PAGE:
Replacement Window Installers in Arizona
Window ReplacementContractors in Arizona
Windows State Buying Guide for Arizona
With Arizona’s diverse climate and extraordinary landscapes, installing new windows not only allows property owners to visually enjoy the outdoors, but they also provide support in regulating indoor temperatures. Whether your property is in the dried desert climate or the cooler mountain regions, deciding on which type to buy is an important decision to ensure you get the best benefits from your investment.
From required permits and hiring a contractor to financial resources and preparing for installation, and more, each section covers considerations, tips, or the basic information necessary to help make the process easier. This buying guide is to help navigate the steps necessary for a successful new window installation project.
Types of Windows in Arizona
If you’re having windows installed to a new addition or changing the current windows to a new style, the following are some of the most popular for homes and businesses:
- Casement windows are equipped with a hinge on one side. The window opens using a mechanical crank.
- Awning windows have a hinge across the top and open from the bottom. This type of window allows fresh air inside even on days with rainy weather.
- Bow windows usually have at least five windows set side by side creating a visually appealing feature.
- Round windows are just that. Available with fixed panes or the ability to be open and closed, window frames are usually wood or aluminum.
- Bay windows are much like the bow. This window features one center pane with a smaller window on either side which can be a casement or double hung style.
- Double hung windows allow both the top and bottom panes to be opened. With a single hung window, only the bottom opens as the top sash remains fixed.
- Transom windows add an extra dash of exterior beauty that traditionally highlight the door. The transom resides over the doorway allowing extra light into the home or business but can be installed anywhere.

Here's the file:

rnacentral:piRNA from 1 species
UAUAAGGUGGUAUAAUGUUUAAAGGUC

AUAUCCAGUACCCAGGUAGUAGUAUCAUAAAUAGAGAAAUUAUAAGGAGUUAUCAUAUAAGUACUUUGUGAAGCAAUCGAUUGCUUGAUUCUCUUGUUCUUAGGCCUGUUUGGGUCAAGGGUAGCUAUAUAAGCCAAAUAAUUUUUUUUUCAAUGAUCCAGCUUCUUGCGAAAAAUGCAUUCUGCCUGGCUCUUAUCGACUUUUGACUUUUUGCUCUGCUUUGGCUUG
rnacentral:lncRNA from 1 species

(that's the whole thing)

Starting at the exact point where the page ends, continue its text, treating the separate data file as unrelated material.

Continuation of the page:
Window Frames in Arizona
Window frames are another topic to discuss with your contractor or sales representative.
- Aluminum frames are lightweight, durable, cost effective, and require little maintenance.
- Composite frames are constructed using a mixture of composite materials that results in a sturdy and durable material that is resistant to moisture and decay.
- Fiberglass frames are also cost effective, versatile, and durable.
- Vinyl frames resist moisture and require little maintenance.
- Wood frames can be problematic when it comes to absorbing moisture which leads to wood rot and decay. Adding vinyl or aluminum cladding can help.
Window Glazing in Arizona
There are basically three types of window glazing. The best is triple-glazing followed by double-pane glazing. The last, single-pane glazing, while available is not recommended for home or business installation. Discuss the type that will serve your Arizona property the most efficiently.
- Triple-pane glazing works well in cold climates. It is both energy efficient and cost effective and works as a solid buffer to outside noise.
- Double-pane glazing is also cost effective and energy efficient.
- Single-pane glazing does not promote energy efficiency. It is used mostly in outside storage buildings or garages.
Certification and Rating Criteria for Arizona Windows